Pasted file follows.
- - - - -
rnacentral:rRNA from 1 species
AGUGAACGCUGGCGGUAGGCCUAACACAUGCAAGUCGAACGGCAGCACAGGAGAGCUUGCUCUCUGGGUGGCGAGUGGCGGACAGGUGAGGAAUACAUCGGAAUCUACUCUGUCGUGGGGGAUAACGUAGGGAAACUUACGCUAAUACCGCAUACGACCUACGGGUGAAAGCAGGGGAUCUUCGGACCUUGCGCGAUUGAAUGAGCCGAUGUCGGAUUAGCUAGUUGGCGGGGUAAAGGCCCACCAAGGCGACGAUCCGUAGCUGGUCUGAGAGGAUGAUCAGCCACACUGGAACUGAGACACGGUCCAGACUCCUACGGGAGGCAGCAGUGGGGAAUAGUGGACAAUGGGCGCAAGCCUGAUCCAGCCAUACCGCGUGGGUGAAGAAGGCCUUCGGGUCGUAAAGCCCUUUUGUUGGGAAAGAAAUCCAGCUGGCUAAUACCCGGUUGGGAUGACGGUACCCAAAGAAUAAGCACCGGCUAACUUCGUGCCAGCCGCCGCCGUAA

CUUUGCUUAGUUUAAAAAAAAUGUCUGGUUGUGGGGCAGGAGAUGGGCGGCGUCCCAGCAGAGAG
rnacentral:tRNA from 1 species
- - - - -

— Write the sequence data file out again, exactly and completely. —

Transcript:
rnacentral:rRNA from 1 species
AGUGAACGCUGGCGGUAGGCCUAACACAUGCAAGUCGAACGGCAGCACAGGAGAGCUUGCUCUCUGGGUGGCGAGUGGCGGACAGGUGAGGAAUACAUCGGAAUCUACUCUGUCGUGGGGGAUAACGUAGGGAAACUUACGCUAAUACCGCAUACGACCUACGGGUGAAAGCAGGGGAUCUUCGGACCUUGCGCGAUUGAAUGAGCCGAUGUCGGAUUAGCUAGUUGGCGGGGUAAAGGCCCACCAAGGCGACGAUCCGUAGCUGGUCUGAGAGGAUGAUCAGCCACACUGGAACUGAGACACGGUCCAGACUCCUACGGGAGGCAGCAGUGGGGAAUAGUGGACAAUGGGCGCAAGCCUGAUCCAGCCAUACCGCGUGGGUGAAGAAGGCCUUCGGGUCGUAAAGCCCUUUUGUUGGGAAAGAAAUCCAGCUGGCUAAUACCCGGUUGGGAUGACGGUACCCAAAGAAUAAGCACCGGCUAACUUCGUGCCAGCCGCCGCCGUAA

CUUUGCUUAGUUUAAAAAAAAUGUCUGGUUGUGGGGCAGGAGAUGGGCGGCGUCCCAGCAGAGAG
rnacentral:tRNA from 1 species